I just read Judith Flanders's The Invention of Murder and discovered a bunch of small, throwaway details that would actually combine to make an interesting post about how random Victorian law could be at times.
1.) "Engagements were oral contracts; a broken engagement was a broken contract, and a woman's loss of reputation could be financially quantified" (149, footnote). It was basically a way to protect women from men who said they'd marry them in order to get sex, and then didn't. Presumably it didn't work the other way around. This might seem like a weird double standard or a gross commodification of virginity and a woman's body, but I actually think it was remarkably reasonable. The law was saying, "Our society puts emphasis on a woman's reputation and her virginity at marriage. Therefore, if a man, in essence, steals that from her by breaking promises, she is entitled to legal compensation for what amounts to a violation of her body. If he has ruined her chances of future marriage, and therefore future fiscal protection, he must be made to pay for it."
2.) "Public opinion aside, legally there was no crime called infanticide: murder was murder, said the 1803 Offences Against the Person Act. If it could be proved that a child had been born alive, then killing it was murder; if a live birth could not be proved, then from 1828 a charge of 'concealment of birth' could be brought against the mother. The law, however, failed to define what constituted a live birth: if the baby cried? breathed?" (224)
Considering that circumstances for children of very poor families or children who were born to servants or out of wedlock were often quite desperate, many people at the time viewed the quick smothering of a baby preferable to the slow starvation or the horrors of the workhouse that it would surely face if it lived. "Thus the sudden death of an infant frequently suited everyone: it cost the parish nothing; the mother could go back to work; and the employers did not lose their servants. The Church, too, sometimes appeared to agree that it was better all round if these children died" (224).
So basically, here is how you used to be able to get away with infanticide, in gross mishandlings of the legal system:
a.) You can give birth alone–maybe don't even tell anyone you're pregnant. You smother the baby and bury it. If you are not caught, then fine.
b.) If you are caught, you say it was born dead and you get a slap on the wrist for "concealing a birth".
c.) Your can give birth with a trusted friend helping, who will swear that the child was a stillborn.
d.) You give birth, kill the child and then report it to someone, saying the birth came on so fast you didn't have time to ask for help.
Concealment was the real problem, not the killing of the baby–which they didn't particularly care about, but had to prosecute if it was proved that the infant was murdered. Obviously this only worked with an infant, not with an older child.
3.) "The executioner, as a matter of right, got the clothes [a murderer] died in, and also the rope" (55). "Honey, I'm home! I got paid in rope again!" Actually, it may sound awful (who wants a dead person's clothes and the thing that killed him?) but if you were selected as executioner for a really high-profile murderer, you could make more money by selling bits of the clothes and rope as souvenirs than you would make in a whole year. It's amazing what people would pay for macabre relics of an execution.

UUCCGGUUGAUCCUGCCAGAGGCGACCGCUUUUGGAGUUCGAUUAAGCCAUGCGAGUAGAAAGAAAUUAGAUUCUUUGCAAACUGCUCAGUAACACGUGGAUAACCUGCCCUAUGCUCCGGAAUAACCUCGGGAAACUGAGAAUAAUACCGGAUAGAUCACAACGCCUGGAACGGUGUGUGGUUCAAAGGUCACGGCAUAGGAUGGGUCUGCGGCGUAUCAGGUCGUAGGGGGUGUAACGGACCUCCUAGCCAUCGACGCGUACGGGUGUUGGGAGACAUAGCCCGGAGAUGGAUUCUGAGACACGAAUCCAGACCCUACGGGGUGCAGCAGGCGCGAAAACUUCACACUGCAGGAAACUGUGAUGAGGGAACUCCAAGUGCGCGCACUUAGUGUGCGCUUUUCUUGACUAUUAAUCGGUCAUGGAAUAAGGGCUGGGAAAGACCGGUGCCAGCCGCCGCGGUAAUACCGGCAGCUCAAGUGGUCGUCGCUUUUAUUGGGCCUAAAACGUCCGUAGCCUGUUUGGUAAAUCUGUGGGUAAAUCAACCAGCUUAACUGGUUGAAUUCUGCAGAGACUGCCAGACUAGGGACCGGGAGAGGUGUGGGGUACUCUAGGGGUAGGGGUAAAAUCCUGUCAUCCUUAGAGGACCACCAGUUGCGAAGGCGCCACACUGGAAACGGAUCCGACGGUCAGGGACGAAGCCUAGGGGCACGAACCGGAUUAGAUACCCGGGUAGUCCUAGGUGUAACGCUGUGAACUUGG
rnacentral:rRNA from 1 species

4.) If you were executed for murder, your corpse became the property of the state, to do with as they wished. It was almost always donated to science. However, if you were executed only for attempted murder, your family has the option to buy back your corpse from the government for private burial. (193)
Considering some of the things I have read about the poorer Victorians' views on death vs. funerals, it would not surprise me to learn that families chose to save up their money to buy back the corpse, rather than provide their accused family member with a competent legal team to rescue them in the first place. This is pure speculation on my part, but funerals were a huge status symbol in the Victorian era, and there was nothing worse than the neighbors seeing your family only be able to provide a pauper's burial. There are plenty of reports of someone being deathly sick, but if the family fetched a doctor and got medicine there was a 50/50 chance the person would pull through. So the family would decide to let the person die and be guaranteed a decent funeral, rather than waste their money on medicine that might not work, and have no money left over to buy the nice casket, the nice flowers, etc.
While the book doesn't report on this in legal cases, I would conjecture that the mentality was entirely the same and there were probably instances of scrimping on legal defense for someone who was clearly, to their eyes, already dead.
5.) In Scotland (which had a different legal system than England), there were three verdicts: Guilty, Not Guilty, and Not Proven. The last was deeply troublesome, because it meant the jury thought you did it, but couldn't prove it, so they had to let you go. It was deeply stigmatized, so you had many innocent people who were thought of as criminals because they were never acquitted of the crime, but instead were just turned loose on society. Wilkie Collins's 1875 detective novel The Law and the Lady dealt with the stupidity of just such a verdict.